A look at America’s political firsts throughout its 244 years of independence shows the distance the country has traveled since its founding among 13 colonies that threw off British rule.
George Washington, the country’s first president who was elected in 1789, appointed New York lawyer John Jay as the first chief justice of the United States. And while not called for in the U.S. Constitution, Washington in 1791 convened his first group of advisors to form a small, history-making cabinet of just four men.
Fast forward to President-elect Joe Biden, who is making history with a much larger and most diverse cabinet. It includes Kamala Harris, who on Jan. 20 will be sworn in as the first woman vice president, the first Black vice president, and the first Indian American vice president. Other historic choices by Biden include Rep. Deb Haaland, the first Native American woman to head the Interior Department, a choice that political observers say is a signal that a focus on environmental justice will include those most harmed by environmental abuses of the past; Michael Regan, a Black regulator who has overseen a coal ash cleanup in North Carolina, tapped to take over the Environmental Protection Agency; and Janet Yellen, the former head of the Federal Reserve and who is credited with the early warnings about the real estate bubble that would end in the Great Recession in 2008, to head the Treasury Department.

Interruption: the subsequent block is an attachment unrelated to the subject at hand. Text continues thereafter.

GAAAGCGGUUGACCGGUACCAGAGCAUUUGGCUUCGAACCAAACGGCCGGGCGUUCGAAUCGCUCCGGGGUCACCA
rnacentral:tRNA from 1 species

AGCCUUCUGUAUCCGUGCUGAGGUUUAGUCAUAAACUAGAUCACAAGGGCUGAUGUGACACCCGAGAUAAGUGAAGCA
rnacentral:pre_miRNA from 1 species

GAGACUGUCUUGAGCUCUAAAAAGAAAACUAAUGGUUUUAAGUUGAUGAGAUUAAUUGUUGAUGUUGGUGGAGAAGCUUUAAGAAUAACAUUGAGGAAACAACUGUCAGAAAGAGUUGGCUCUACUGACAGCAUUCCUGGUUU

Using political documents, contemporary news articles, and historical accounts, Stacker compiled a list of political firsts in U.S. history from the first chief justice appointed in 1789 to the first transgender state senator who won her seat in 2020.
Read on to find out other notable events in the years between the first U.S. chief justice and what’s happening today in U.S. political history.
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